A giant floating farm to produce almost 10 tonnes of food each year – Fruits, vegetables and fish!
Spanish architects have designed this giant floating farm which has three floors and could possibly help the Earth’s growing population by producing nearly 10 tonnes of extra food. The best part of it is that the farm is not going to occupy any land or fresh water.
The entire project is self-sustaining with solar-power panels and would include massive hydroponic farms. Also it would be watered by desalinated seawater. Beside all of that there would be a fish farm below.
As you might imagine, the whole farm is still in a very conceptual stage and so far yet there has no prototype made. The blueprint is based on existing technology which shouldn’t give no reasons why it couldn’t be built. Though right now it’s difficult to know how successful exactly this could be.
The architect team behind the concept at Forward Thinking Architecture wrote on their site:”This is not science fiction. It is a serious and viable solution”, and I guess we would all agree that it’s true. As the Earth is getting more and more overloaded and there’s less productive land (also due to global warming) we need to find alternative ways how to produce food and to be sustainable is really important. We already have the technologies long time ago. It’s about time to put it in use on a bigger scale and put it in use. “It is not meant to ‘solve’ all humanity’s hunger problems or to replace existing traditional agriculture; this is not the idea at all. The driver behind the project is to open a new initiative which can be complementary and compatible with other existing production methods in order to help reduce food risk associated problems in different areas of the globe.”
Me personally I think this kind of floating farms should be obligatory to every government to secure that there would NOT be any percent of population in hunger as there are now. For instance these magnificent farms that could produce nearly 10 tonnes of additional food, could also be part of the governments budget to secure that people in danger of exclusion from the society would also have a minimum amount of food on their plate on the daily basis. Though I’m more than sure that most of the governments wouldn’t give a darm of these people because for the governments they are just an expense. It’s a sad truth but this is how it is.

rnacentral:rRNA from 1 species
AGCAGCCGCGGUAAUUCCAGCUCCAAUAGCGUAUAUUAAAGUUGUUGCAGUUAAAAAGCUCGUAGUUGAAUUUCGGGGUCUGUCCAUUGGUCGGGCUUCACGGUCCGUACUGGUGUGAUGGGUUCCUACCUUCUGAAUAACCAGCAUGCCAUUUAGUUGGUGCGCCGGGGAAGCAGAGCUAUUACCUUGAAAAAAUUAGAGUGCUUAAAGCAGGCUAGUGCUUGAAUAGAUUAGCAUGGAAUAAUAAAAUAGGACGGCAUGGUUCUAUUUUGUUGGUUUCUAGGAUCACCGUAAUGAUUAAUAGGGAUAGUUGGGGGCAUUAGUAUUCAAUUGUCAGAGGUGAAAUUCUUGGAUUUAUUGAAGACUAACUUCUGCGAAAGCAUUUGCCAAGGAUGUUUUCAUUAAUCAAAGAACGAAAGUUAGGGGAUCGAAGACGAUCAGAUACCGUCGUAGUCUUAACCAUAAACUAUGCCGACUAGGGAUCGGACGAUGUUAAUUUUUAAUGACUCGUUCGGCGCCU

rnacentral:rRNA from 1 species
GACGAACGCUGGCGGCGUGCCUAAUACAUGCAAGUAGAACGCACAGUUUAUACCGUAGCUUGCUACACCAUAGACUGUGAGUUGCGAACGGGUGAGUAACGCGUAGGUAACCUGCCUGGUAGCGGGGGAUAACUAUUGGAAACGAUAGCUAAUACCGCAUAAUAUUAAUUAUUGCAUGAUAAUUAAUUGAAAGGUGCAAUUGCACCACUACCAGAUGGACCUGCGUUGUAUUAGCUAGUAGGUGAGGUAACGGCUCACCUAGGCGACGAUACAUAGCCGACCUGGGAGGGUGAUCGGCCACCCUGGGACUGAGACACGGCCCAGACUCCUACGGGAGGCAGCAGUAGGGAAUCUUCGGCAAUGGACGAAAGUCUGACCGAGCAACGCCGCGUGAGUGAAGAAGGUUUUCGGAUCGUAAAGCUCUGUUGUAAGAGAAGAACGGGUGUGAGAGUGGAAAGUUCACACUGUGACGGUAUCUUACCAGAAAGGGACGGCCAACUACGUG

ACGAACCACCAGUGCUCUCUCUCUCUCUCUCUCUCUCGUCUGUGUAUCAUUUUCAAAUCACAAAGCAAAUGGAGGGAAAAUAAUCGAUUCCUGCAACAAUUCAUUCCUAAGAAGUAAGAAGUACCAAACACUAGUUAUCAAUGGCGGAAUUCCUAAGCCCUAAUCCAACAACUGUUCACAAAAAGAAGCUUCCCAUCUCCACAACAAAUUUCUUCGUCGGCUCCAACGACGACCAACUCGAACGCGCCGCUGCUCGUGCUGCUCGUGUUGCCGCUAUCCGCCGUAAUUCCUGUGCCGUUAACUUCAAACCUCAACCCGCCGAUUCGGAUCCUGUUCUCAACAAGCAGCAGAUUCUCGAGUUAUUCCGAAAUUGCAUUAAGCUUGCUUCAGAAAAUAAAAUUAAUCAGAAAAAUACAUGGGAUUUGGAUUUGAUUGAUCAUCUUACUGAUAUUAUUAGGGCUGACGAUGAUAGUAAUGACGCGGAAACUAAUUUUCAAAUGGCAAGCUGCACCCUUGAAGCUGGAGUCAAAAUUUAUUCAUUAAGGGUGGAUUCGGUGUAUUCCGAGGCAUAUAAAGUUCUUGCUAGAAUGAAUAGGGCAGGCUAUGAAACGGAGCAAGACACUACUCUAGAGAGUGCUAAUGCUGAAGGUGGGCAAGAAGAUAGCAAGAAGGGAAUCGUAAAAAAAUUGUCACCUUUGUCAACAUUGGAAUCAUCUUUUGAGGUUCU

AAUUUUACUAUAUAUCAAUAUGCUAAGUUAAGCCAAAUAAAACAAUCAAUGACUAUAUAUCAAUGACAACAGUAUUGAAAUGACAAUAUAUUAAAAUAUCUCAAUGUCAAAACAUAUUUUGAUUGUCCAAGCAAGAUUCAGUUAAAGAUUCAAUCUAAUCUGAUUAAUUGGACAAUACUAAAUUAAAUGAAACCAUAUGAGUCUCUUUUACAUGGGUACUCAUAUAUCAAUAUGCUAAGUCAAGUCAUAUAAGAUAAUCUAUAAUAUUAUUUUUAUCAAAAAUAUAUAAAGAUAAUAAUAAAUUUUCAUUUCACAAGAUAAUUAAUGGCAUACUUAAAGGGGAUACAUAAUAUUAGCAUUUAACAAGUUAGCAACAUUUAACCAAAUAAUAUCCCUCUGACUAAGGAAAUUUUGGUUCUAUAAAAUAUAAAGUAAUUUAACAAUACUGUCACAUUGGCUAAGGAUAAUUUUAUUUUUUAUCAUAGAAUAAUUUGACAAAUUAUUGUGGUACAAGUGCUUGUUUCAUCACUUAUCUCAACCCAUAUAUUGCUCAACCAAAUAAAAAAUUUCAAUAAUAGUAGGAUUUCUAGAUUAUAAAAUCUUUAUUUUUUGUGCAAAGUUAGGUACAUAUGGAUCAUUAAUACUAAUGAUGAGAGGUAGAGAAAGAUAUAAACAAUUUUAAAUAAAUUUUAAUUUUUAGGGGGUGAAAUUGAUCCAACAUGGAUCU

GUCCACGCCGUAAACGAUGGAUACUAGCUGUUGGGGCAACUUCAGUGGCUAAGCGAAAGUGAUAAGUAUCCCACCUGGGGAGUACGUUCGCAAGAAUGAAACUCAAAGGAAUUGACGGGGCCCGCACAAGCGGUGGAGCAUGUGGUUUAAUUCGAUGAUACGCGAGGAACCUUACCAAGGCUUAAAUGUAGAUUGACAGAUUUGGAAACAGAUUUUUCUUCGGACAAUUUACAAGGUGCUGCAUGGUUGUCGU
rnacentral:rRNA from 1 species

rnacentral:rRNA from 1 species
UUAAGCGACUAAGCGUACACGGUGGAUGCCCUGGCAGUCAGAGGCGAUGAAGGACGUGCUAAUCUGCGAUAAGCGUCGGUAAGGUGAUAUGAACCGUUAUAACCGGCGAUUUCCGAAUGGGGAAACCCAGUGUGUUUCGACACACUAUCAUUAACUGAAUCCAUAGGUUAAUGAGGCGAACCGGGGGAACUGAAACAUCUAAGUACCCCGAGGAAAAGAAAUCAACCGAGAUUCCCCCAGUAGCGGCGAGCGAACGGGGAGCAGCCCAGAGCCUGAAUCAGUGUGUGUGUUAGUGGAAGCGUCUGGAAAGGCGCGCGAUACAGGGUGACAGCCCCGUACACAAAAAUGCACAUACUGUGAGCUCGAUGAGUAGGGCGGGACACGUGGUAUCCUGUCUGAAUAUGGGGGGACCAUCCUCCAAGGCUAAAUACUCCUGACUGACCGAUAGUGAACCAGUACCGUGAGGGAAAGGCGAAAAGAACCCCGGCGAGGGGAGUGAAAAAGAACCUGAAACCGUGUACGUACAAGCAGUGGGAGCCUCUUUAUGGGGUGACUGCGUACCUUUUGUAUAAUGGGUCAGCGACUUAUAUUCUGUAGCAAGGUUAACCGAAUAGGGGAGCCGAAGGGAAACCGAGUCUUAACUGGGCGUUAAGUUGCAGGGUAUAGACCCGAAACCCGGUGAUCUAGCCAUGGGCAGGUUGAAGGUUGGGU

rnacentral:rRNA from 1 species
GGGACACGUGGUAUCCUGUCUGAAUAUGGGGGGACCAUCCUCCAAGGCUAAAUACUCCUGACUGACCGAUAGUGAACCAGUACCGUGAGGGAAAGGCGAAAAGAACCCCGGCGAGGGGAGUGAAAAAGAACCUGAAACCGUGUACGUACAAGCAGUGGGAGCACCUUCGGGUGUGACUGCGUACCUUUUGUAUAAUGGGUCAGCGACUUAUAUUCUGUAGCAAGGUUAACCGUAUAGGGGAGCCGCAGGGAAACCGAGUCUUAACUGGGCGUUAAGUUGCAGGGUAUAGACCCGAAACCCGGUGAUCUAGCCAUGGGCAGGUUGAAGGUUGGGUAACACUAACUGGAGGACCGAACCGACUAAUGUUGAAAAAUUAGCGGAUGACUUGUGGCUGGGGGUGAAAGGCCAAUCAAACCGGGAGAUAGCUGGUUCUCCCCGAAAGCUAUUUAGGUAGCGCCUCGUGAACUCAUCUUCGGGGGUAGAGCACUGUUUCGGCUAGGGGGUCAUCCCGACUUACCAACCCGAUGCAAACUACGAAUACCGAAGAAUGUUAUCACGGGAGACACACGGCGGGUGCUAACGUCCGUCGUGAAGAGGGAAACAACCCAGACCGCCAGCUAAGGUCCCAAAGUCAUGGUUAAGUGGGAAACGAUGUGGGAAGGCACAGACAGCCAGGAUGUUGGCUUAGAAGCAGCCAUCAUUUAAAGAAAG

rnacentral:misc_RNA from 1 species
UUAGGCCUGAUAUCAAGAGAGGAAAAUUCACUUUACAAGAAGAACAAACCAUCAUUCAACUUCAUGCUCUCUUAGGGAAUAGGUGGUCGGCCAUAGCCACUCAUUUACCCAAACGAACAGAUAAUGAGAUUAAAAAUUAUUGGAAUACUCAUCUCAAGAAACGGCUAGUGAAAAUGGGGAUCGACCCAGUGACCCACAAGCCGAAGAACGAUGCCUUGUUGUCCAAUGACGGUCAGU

It’s not the first time floating farms have been proposed. Back in 2014 another group of Spanish architects proposed even a taller version of a floating farm. Also in Japan and India engineers are building floating solar farms to harness electricity. Though there’s big difference between the other designs and this one. This design owns its own mini-ecosystem that would be capable of producing all of the following items:
By design, the top level of the farm would be covered with solar panels and skylights to allow sunlight to be harvested for electricity, and also to filter through to the plants below. Natural light is always the best one to make the plants grow.
On the second level there would be the hydroponic vegetables and crops. All wast products from these crops would be recycled and used to feed the fish in the level below. Also the waste from these fish would be used. The fish waste would be used to fertilise the crops. All this combination together would be creating a self-sustaining system.
Forward Thinking Architecture predicts that the farm would be able to produce 1.7 tonnes of fish, and 8.1 tonnes of fruit and vegetables annually. This should be enough to start off with.
In total, the farm would be a massive structure covering 200 m by 350 m area which would be 204,000 square meters. It’s so much easier to use this space on an ocean as there’s plenty of space available. On land it would be quite difficult and impractical.
To take the most advantage of its location on the ocean, the farm would contain wind turbines and wave energy converters to make the most of the natural energy available. It would also have a desalination plant and an on-bard slaughterhouse and processing and packaging area. So, the products could be sent directly to shops or consumers. This would reduce the food miles and carbon footprint of each product. The best part of it is that the farm is mostly automatic. It uses sensor systems to regulate watering processes and position itself in the most efficient spot each day.
There are some obstacles to overcome with structures of this kind. For instance right now engineers are struggling to keep wave energy generators safe from storm surges. This means that it would be hard to find a safe spot to place these stunning beauties. At the same time we have plenty of harbours, lakes and rivers around the world which could be used instead to start off with while finding a solution for the wave energy generators issue.
Right now the project is in a very early stage, but if we could find a way how to grow food sustainably in currently unused areas, it would be a huge step forward feeding the soon-to-be 7.5 billion mouths on Earth.
Have a look at the website of Forward Thinking Architecture. You can find several different projects and designs that I find really interesting and useful.
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